With his family’s home off A Street in Blaine located just beside the truck crossing into Canada, it is ironic that Airman First Class Mike Starkovich’s profession in the U. S. Air Force is to protect the perimeter of a military installation as part of the security forces at the massive Bagram Airfield near Kabul, Afghanistan.
His first deployment completed, Starkovich made his way home to Blaine for the Christmas holidays. He has taken advantage of the opportunity to do things he can’t do anywhere else like play video games with his younger brother, open presents with his family and hang out with friends who are home from college.
“The best thing about being home is relaxing and not having to do any work,” the 2006 Blaine high school graduate and former Borderite basketball player said.
Sometimes, the need to spend time out with old friends has left his parents with less of his time than they might have hoped before he returned.
“I understand that he needs to do that,” said his mother, Karen Starkovich, “I’m just grateful that I get to see him asleep on the couch when he gets back.”
That gratitude is well founded. Starkovich’s 180-day deployment to Bagram was replete with stress, tension and danger. In his position as part of Bagram’s security forces, he mans a tower on a defense perimeter that is over 17 miles long and protects an area of more than 5,000 acres. It is a facility that is in a perpetual state of war against the insurgent Taliban.
“We get regular rocket attacks, especially in the summertime,” said Starkovich, explaining the almost routine nature of the attacks that occur weekly or as often as every two or three days.
Life on the frontline of the war in Afghanistan has taken a toll on Starkovich in the form of stress and tension, whether he is in Bagram, Germany or here in Blaine.
“I’m not working,” he noted, “(but) I’m always tense though. Every time I hear a bang, I jump. I walk in somewhere and I survey everything. I’m way more aware of my surroundings since I’ve joined the military.”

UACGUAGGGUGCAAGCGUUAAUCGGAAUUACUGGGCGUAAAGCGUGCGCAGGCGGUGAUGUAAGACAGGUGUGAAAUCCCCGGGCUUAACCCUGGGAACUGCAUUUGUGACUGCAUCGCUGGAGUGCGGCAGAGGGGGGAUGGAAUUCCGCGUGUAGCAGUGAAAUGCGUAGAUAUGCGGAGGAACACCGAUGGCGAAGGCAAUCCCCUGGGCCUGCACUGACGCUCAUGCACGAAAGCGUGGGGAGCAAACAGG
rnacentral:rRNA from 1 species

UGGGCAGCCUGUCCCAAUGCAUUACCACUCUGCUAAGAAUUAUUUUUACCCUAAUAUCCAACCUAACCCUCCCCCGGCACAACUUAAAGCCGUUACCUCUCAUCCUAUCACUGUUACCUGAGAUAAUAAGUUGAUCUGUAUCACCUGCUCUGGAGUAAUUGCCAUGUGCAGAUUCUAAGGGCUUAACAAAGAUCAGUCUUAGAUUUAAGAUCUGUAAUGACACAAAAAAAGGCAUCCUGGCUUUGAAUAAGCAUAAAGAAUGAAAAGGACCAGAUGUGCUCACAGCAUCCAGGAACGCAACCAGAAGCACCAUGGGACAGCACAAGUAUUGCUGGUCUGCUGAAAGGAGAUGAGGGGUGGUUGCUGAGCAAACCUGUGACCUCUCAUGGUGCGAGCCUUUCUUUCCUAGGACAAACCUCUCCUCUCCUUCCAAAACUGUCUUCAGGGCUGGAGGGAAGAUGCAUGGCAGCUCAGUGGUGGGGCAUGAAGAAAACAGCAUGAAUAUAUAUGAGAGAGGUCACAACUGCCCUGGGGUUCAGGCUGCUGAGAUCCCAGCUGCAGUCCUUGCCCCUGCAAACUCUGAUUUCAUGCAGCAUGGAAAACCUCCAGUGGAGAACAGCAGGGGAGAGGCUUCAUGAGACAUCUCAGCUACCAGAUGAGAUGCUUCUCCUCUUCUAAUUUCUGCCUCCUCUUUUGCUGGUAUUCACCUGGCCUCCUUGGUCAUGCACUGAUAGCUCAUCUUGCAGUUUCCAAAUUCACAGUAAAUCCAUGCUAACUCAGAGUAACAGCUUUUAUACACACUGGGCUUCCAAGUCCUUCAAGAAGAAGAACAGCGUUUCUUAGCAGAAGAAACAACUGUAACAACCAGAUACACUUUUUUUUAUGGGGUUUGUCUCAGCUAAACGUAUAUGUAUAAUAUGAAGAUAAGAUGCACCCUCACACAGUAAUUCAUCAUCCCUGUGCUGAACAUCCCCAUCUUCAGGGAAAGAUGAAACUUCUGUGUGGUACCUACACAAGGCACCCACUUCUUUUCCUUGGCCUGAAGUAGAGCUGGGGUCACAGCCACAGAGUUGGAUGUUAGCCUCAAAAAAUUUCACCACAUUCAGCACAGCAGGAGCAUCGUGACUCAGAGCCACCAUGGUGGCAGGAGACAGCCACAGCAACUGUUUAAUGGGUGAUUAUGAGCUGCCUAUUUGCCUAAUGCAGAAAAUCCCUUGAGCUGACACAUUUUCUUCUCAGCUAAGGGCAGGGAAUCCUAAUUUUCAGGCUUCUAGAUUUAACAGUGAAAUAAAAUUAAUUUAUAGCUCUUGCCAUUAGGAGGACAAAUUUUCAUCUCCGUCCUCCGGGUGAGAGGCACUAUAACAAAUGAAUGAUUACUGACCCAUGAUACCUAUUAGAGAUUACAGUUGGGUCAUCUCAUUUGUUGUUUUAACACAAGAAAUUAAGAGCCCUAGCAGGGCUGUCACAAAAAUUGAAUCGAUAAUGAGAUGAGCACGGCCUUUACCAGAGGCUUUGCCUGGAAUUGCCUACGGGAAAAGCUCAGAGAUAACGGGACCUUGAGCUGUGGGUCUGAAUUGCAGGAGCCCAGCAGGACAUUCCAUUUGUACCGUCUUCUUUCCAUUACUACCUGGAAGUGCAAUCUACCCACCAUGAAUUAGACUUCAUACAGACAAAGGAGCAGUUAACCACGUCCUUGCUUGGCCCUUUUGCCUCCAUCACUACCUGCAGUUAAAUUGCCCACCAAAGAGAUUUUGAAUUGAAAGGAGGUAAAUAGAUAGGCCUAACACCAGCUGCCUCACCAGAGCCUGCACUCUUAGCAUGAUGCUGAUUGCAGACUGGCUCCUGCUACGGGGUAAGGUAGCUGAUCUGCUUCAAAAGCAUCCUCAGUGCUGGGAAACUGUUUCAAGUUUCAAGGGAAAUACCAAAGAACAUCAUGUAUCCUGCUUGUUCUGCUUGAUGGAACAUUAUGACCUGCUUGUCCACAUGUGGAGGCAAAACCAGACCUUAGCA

Starkovich has seen more than his share of combat in his first deployment in Afghanistan. When asked if he saw anything dramatic in his time in the country, Starkovich flatly replies.
“I saw a guy blow himself up in front of me,” he said plainly, describing one of many suicide attacks against the Bagram facility. “There’s always a lot of traffic in front of the base. We had gotten a report that there was going to be a suicide attack. I saw this guy moving slowly, kinda unsure of himself and we knew he was the guy. He knew we had guns on him and would never make it to the perimeter, so he detonated his bomb.”
The contrast between life in Blaine and Bagram grows more stark when reflecting on the events of the past year. Bagram Airfield was the site of the biggest attack against an Air Force-defended installation since the Vietnam War. On May 19, 2010 Taliban insurgents launched an unrelenting assault on the base using ground forces, rockets and mortars. The attack claimed the life of one civilian contractor and wounded nine others. Bagram defense forces killed at least 10 insurgents, many with helicopter gun ships. The attack, launched long before dawn, lasted eight hours and involved every part of the defense perimeter of Bagram.